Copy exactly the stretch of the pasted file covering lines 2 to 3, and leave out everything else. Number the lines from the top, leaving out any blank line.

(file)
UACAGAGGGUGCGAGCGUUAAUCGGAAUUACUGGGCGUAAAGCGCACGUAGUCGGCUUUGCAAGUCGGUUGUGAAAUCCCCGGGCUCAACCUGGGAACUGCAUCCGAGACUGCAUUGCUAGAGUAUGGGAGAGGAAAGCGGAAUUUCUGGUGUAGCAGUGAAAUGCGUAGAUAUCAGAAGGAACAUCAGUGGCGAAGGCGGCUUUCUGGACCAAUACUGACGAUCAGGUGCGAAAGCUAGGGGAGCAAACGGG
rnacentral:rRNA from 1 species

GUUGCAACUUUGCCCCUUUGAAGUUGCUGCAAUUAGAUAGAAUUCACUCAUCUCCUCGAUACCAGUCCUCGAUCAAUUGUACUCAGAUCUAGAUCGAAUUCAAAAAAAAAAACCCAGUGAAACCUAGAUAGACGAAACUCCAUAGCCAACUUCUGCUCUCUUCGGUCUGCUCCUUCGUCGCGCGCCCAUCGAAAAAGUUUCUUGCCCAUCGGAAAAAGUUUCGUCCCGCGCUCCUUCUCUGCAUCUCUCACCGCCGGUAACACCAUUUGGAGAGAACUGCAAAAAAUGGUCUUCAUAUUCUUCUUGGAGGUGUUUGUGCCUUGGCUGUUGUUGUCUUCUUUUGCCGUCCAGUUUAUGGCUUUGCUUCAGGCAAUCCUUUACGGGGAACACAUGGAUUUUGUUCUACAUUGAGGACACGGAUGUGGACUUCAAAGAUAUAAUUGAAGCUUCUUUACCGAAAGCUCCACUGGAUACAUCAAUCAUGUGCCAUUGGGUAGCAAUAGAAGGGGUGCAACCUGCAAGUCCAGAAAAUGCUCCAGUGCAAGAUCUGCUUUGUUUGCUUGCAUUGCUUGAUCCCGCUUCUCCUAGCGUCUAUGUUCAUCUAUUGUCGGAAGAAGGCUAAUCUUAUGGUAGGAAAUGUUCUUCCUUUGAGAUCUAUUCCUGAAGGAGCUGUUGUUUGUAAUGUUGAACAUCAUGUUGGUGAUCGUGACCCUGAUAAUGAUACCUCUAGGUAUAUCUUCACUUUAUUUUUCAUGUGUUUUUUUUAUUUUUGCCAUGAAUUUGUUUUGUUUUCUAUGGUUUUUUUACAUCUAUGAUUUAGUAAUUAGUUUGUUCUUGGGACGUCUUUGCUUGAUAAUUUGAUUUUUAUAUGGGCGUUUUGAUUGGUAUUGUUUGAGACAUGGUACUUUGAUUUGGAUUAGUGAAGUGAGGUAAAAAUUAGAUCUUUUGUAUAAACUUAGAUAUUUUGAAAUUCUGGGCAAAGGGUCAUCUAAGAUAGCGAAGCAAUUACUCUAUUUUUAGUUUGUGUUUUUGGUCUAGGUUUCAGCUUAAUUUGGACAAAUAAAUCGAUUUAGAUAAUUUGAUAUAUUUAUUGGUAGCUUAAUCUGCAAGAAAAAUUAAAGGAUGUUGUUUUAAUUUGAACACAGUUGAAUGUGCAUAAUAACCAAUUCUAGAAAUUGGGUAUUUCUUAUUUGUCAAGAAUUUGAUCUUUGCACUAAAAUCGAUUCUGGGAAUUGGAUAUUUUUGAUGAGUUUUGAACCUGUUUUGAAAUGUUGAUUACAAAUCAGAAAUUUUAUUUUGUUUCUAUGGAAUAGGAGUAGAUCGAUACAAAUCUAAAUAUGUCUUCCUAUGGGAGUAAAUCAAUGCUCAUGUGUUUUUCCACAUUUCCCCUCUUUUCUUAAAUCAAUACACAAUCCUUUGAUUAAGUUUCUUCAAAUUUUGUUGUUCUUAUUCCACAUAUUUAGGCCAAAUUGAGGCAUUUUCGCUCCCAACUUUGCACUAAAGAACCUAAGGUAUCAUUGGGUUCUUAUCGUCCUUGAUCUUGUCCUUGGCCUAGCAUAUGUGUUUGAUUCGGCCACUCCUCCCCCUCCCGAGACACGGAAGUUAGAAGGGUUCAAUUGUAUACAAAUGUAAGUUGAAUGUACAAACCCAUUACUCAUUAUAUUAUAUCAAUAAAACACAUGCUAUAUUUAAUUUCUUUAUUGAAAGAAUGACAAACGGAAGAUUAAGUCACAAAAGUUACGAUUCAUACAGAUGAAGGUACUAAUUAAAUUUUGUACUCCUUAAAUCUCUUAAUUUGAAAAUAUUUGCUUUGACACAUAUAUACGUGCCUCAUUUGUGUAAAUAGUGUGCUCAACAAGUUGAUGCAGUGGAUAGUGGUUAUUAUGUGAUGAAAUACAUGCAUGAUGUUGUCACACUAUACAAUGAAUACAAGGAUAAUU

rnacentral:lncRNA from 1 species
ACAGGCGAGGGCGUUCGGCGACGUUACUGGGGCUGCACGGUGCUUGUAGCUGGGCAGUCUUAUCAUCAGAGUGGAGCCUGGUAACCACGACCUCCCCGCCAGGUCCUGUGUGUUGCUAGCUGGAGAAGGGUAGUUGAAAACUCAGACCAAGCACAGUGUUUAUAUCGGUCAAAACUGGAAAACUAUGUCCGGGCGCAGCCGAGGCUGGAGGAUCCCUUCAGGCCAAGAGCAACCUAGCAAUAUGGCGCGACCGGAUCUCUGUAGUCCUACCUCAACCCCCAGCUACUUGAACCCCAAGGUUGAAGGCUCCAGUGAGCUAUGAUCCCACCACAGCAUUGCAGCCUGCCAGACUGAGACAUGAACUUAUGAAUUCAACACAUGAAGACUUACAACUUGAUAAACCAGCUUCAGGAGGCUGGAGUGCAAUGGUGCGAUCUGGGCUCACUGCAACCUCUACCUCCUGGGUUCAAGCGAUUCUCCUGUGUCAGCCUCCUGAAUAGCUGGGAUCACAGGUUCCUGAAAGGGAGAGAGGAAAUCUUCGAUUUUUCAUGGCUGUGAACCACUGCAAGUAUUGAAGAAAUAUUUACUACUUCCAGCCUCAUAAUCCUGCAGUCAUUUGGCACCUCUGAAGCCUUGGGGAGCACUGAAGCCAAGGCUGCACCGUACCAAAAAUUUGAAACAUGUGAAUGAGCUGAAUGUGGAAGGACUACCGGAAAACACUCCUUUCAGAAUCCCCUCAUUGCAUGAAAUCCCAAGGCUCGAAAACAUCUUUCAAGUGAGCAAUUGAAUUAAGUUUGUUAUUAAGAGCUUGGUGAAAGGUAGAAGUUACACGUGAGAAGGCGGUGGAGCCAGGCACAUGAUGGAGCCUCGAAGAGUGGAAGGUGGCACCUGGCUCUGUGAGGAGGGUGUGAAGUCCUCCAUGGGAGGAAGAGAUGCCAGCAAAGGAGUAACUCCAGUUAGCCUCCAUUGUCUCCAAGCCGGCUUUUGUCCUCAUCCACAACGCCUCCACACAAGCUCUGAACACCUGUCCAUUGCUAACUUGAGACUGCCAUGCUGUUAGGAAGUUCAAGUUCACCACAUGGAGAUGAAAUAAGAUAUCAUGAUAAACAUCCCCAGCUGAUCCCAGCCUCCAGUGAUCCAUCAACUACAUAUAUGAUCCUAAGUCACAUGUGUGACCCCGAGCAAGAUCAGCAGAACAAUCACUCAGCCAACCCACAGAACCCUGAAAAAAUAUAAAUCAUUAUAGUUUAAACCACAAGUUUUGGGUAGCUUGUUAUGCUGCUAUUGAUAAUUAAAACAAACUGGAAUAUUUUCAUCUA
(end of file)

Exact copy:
rnacentral:rRNA from 1 species

GUUGCAACUUUGCCCCUUUGAAGUUGCUGCAAUUAGAUAGAAUUCACUCAUCUCCUCGAUACCAGUCCUCGAUCAAUUGUACUCAGAUCUAGAUCGAAUUCAAAAAAAAAAACCCAGUGAAACCUAGAUAGACGAAACUCCAUAGCCAACUUCUGCUCUCUUCGGUCUGCUCCUUCGUCGCGCGCCCAUCGAAAAAGUUUCUUGCCCAUCGGAAAAAGUUUCGUCCCGCGCUCCUUCUCUGCAUCUCUCACCGCCGGUAACACCAUUUGGAGAGAACUGCAAAAAAUGGUCUUCAUAUUCUUCUUGGAGGUGUUUGUGCCUUGGCUGUUGUUGUCUUCUUUUGCCGUCCAGUUUAUGGCUUUGCUUCAGGCAAUCCUUUACGGGGAACACAUGGAUUUUGUUCUACAUUGAGGACACGGAUGUGGACUUCAAAGAUAUAAUUGAAGCUUCUUUACCGAAAGCUCCACUGGAUACAUCAAUCAUGUGCCAUUGGGUAGCAAUAGAAGGGGUGCAACCUGCAAGUCCAGAAAAUGCUCCAGUGCAAGAUCUGCUUUGUUUGCUUGCAUUGCUUGAUCCCGCUUCUCCUAGCGUCUAUGUUCAUCUAUUGUCGGAAGAAGGCUAAUCUUAUGGUAGGAAAUGUUCUUCCUUUGAGAUCUAUUCCUGAAGGAGCUGUUGUUUGUAAUGUUGAACAUCAUGUUGGUGAUCGUGACCCUGAUAAUGAUACCUCUAGGUAUAUCUUCACUUUAUUUUUCAUGUGUUUUUUUUAUUUUUGCCAUGAAUUUGUUUUGUUUUCUAUGGUUUUUUUACAUCUAUGAUUUAGUAAUUAGUUUGUUCUUGGGACGUCUUUGCUUGAUAAUUUGAUUUUUAUAUGGGCGUUUUGAUUGGUAUUGUUUGAGACAUGGUACUUUGAUUUGGAUUAGUGAAGUGAGGUAAAAAUUAGAUCUUUUGUAUAAACUUAGAUAUUUUGAAAUUCUGGGCAAAGGGUCAUCUAAGAUAGCGAAGCAAUUACUCUAUUUUUAGUUUGUGUUUUUGGUCUAGGUUUCAGCUUAAUUUGGACAAAUAAAUCGAUUUAGAUAAUUUGAUAUAUUUAUUGGUAGCUUAAUCUGCAAGAAAAAUUAAAGGAUGUUGUUUUAAUUUGAACACAGUUGAAUGUGCAUAAUAACCAAUUCUAGAAAUUGGGUAUUUCUUAUUUGUCAAGAAUUUGAUCUUUGCACUAAAAUCGAUUCUGGGAAUUGGAUAUUUUUGAUGAGUUUUGAACCUGUUUUGAAAUGUUGAUUACAAAUCAGAAAUUUUAUUUUGUUUCUAUGGAAUAGGAGUAGAUCGAUACAAAUCUAAAUAUGUCUUCCUAUGGGAGUAAAUCAAUGCUCAUGUGUUUUUCCACAUUUCCCCUCUUUUCUUAAAUCAAUACACAAUCCUUUGAUUAAGUUUCUUCAAAUUUUGUUGUUCUUAUUCCACAUAUUUAGGCCAAAUUGAGGCAUUUUCGCUCCCAACUUUGCACUAAAGAACCUAAGGUAUCAUUGGGUUCUUAUCGUCCUUGAUCUUGUCCUUGGCCUAGCAUAUGUGUUUGAUUCGGCCACUCCUCCCCCUCCCGAGACACGGAAGUUAGAAGGGUUCAAUUGUAUACAAAUGUAAGUUGAAUGUACAAACCCAUUACUCAUUAUAUUAUAUCAAUAAAACACAUGCUAUAUUUAAUUUCUUUAUUGAAAGAAUGACAAACGGAAGAUUAAGUCACAAAAGUUACGAUUCAUACAGAUGAAGGUACUAAUUAAAUUUUGUACUCCUUAAAUCUCUUAAUUUGAAAAUAUUUGCUUUGACACAUAUAUACGUGCCUCAUUUGUGUAAAUAGUGUGCUCAACAAGUUGAUGCAGUGGAUAGUGGUUAUUAUGUGAUGAAAUACAUGCAUGAUGUUGUCACACUAUACAAUGAAUACAAGGAUAAUU